Skip to main content

Celebrating St. Patrick's Day

 For 364 days a year, we're Guatemalan. On March 17th, we celebrate our Irish heritage.

As a bilingual and bicultural family, we focus on keeping the minority culture alive in our home on a daily basis--speaking Spanish, eating Guatemalan food, having a wardrobe of traje tipico, and traveling to and from Guatemala as frequently as we can. 

But because we focus so much on instilling our children with their Hispanic roots, I want them to know the fabric of our family's history is actually woven with thread from all over the globe. The US is often referred to as a "melting pot," as the majority of families can trace their heritage through immigration, albeit some further back generations than others.  I'm Scotch-Irish-English--my dad's side of the family is originated in England and Scotland, and my mother's side of the family is from Ireland and England. We can trade my maternal great-grandfather's family back to the Mayflower, and my maternal great-grandmother was an Irish immigrant herself. 

When we first adopted my husband's youngest sister and brother from Guatemala, I took them to Ellis Island in New York to see how previous generations of immigrants entered into this country to start a new life. My own great-grandmother, Anne M. Kenyon, left 11 brothers in Ireland in 1900 when she immigrated here to the US and passed through Ellis Island with her mother, Nancy. Nancy and Anne never saw their Irish relatives again.

So although my children are only 6.25% Irish, we celebrate St. Patrick's Day every year. We wear green and orange to represent our Northern Ireland Protestant-Irish roots, we eat corned beef and cabbage to remember the struggles of our turn-of-the-century Irish-American immigrant relatives, and we tell the story of Nancy and Anne over the dinner table, to keep their story alive. And maybe one day, all of us will get to visit Ireland and meet our relatives across the pond. 





Comments

  1. Important to share all parts of the family history.

    ReplyDelete

Post a Comment

Popular posts from this blog

Is 5 Little Monkeys Racist?

I’ve seen a lot of Tik Toks debunking children’s nursery rhymes lately. I have two toddlers, so now whenever I hear one of those rhymes, I think about their unsavory origins. But my son loves, loves Five Little Monkeys. He’s just learning to talk, and can almost say it by himself. I’ve thought about telling him to stop singing it since I learned in the original lyrics it’s not monkeys jumping on the bed, but he just gets so much joy from singing it as he jumps up and falls down, I thought... no harm, no foul, right? As long as he thinks the song is about monkeys, it’s ok.  Until my niece came over one day, and the three toddlers were playing on an old mattress we have on the living room floor for them to jump around on. My son asked me to sing 5 Little Monkeys. At first it was cute, because they literally were jumping on the bed, but then I took a good look at the three of them.  My kids are half-Guatemalan but very fair, like I am. Whereas my niece is half-black, and her skin happens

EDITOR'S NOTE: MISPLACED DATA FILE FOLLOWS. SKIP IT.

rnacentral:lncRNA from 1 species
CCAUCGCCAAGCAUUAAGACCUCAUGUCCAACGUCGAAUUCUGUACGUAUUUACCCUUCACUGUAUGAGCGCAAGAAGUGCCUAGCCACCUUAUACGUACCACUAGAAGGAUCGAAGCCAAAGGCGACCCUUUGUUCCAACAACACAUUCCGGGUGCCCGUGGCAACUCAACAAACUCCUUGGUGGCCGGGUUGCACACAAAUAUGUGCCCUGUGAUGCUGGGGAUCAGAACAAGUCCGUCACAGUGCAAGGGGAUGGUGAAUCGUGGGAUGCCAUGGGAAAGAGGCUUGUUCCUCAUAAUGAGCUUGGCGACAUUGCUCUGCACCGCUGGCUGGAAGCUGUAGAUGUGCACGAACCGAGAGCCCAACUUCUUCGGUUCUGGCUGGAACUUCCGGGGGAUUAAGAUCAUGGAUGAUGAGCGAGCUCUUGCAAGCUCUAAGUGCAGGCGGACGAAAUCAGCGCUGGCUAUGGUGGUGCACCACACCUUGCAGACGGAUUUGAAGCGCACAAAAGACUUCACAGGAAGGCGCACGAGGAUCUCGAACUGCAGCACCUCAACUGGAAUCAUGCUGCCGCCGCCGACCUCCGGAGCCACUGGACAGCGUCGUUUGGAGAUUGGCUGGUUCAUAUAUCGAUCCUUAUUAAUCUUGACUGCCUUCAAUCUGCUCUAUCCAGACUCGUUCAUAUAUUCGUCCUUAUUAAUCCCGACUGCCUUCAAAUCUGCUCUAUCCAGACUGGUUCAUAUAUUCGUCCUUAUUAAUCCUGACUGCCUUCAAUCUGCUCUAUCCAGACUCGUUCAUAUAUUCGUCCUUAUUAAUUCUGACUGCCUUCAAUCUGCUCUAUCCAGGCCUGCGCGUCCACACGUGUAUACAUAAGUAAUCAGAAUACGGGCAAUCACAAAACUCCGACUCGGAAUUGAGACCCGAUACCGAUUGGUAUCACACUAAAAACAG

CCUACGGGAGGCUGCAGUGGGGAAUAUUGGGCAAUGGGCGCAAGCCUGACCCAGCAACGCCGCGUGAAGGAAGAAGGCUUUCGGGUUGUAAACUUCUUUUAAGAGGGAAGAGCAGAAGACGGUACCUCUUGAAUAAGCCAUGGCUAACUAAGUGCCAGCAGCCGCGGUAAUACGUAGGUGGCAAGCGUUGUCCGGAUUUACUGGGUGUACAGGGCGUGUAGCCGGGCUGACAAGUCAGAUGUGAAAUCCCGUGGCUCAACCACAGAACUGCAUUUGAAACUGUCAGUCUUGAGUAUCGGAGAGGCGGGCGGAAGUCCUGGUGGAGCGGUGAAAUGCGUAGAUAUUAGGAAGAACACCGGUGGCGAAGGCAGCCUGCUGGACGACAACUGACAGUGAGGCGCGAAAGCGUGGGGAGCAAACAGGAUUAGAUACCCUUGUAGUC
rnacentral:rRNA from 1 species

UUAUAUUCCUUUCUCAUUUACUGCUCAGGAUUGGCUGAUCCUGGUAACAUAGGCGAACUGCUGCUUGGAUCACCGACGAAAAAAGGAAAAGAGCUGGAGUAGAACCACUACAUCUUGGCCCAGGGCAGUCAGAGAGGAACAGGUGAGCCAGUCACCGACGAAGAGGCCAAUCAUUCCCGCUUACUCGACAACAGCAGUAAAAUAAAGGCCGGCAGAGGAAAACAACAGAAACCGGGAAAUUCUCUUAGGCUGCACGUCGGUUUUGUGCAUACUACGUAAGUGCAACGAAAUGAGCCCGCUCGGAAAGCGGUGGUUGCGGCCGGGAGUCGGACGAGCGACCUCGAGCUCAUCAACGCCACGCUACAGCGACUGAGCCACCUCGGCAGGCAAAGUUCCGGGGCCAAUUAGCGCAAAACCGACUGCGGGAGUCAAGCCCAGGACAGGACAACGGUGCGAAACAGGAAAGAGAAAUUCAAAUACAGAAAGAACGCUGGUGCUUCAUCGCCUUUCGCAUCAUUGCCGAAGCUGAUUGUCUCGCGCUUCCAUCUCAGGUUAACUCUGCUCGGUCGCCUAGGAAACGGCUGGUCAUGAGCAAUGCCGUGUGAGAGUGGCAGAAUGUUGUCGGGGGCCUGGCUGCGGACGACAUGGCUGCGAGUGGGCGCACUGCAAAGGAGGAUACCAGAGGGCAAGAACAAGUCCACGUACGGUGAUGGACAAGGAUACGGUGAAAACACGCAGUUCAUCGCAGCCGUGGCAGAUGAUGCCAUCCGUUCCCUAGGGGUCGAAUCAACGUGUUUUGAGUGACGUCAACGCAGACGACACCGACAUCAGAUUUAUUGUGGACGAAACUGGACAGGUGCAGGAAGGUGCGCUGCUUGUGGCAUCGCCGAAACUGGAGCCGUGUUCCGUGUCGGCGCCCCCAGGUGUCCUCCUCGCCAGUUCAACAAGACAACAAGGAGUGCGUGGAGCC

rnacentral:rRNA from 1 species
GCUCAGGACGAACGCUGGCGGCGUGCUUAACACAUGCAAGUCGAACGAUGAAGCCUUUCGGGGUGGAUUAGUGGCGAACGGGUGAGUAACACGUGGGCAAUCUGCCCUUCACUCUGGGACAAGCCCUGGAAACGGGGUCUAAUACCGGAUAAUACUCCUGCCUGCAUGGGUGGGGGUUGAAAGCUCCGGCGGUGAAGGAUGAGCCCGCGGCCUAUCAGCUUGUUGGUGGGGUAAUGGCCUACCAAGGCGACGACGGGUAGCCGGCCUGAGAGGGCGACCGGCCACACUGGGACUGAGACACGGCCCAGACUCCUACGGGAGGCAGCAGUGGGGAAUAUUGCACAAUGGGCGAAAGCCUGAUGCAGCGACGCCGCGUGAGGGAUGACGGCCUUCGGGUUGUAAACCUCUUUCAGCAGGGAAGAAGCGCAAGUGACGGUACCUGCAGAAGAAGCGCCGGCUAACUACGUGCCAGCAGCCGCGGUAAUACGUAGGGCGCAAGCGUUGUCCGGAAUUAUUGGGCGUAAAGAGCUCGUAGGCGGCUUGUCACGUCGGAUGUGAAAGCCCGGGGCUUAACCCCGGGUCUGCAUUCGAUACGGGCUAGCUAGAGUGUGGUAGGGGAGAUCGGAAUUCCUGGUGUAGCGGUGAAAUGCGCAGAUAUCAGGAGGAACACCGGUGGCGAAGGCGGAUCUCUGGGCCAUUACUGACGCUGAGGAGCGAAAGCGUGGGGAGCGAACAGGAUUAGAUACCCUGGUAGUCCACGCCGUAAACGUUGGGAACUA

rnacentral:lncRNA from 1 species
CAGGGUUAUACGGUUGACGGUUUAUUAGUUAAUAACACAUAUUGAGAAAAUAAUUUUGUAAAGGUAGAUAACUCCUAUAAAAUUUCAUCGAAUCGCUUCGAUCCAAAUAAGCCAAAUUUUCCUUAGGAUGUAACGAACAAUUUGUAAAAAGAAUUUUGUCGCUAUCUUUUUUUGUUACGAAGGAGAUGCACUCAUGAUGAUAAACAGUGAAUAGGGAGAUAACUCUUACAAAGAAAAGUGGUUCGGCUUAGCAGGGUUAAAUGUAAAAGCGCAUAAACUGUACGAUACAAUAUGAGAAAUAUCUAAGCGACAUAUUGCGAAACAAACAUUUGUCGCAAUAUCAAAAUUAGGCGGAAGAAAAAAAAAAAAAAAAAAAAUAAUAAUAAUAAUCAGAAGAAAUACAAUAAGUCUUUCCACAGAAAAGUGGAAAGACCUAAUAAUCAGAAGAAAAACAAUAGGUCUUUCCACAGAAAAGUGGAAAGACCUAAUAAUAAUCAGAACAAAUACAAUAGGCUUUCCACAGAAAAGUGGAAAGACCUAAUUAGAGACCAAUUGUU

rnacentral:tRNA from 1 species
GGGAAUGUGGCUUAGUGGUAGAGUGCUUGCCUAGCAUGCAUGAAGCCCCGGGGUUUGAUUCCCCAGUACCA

Storytime Bilingüe featuring “Buenas Noches Luna”

This week's Storytime Bilingue features Buenas Noches Luna , the Spanish translation of the beloved children's book Good Night Moon by Margaret Wise Brown. We love the vivid language and images, and the black and white contrast pages are particularly compelling for the little ones whose eyesight is still developing. You'll see how much Mateo interacts with the book during this reading! This is a story I have nearly memorized, because I read it to Maya consistently before bed during our bedtime routine. We've read it so much, she practically has it memorized, too. Sometimes she likes me to read it aloud, and sometimes she likes to "read" the book by describing the images. I actually wrote about her as an emerging bilingual reader in my earlier blog post,  Today a Reader, Tomorrow a Leader , but the highlight of that post is that research shows repeated readings of the same book really benefit early literacy and vocabulary acquisition. For that reason I

Why You Should Travel with Little Kids

I took my first cross-country road trip when I was six-weeks-old. My parents loaded me up in an old Ford Wagoneer and drove me home from my dad's hometown of Pittsburgh, PA, to my hometown of Ojai, CA. After that, we traveled back and forth between the East Coast and the West Coast every summer of my life. A few times we flew, but most years we loaded up the car with the suitcases, the dogs, and the children and drove 3,000 miles across the country. This early exposure to travel instilled within me a joy of seeing the world, and since that first trip I have visited 34 states and 14 countries. And I hope to share that same joy with my own little ones. Traveling with children can be hard--it disrupts their nap schedules, may involve crossing timelines, and definitely pushes everyone beyond their comfort zones. But seeing different countries and different parts of our country as children gives them a greater appreciation for cultural and regional differences, and it widens their exper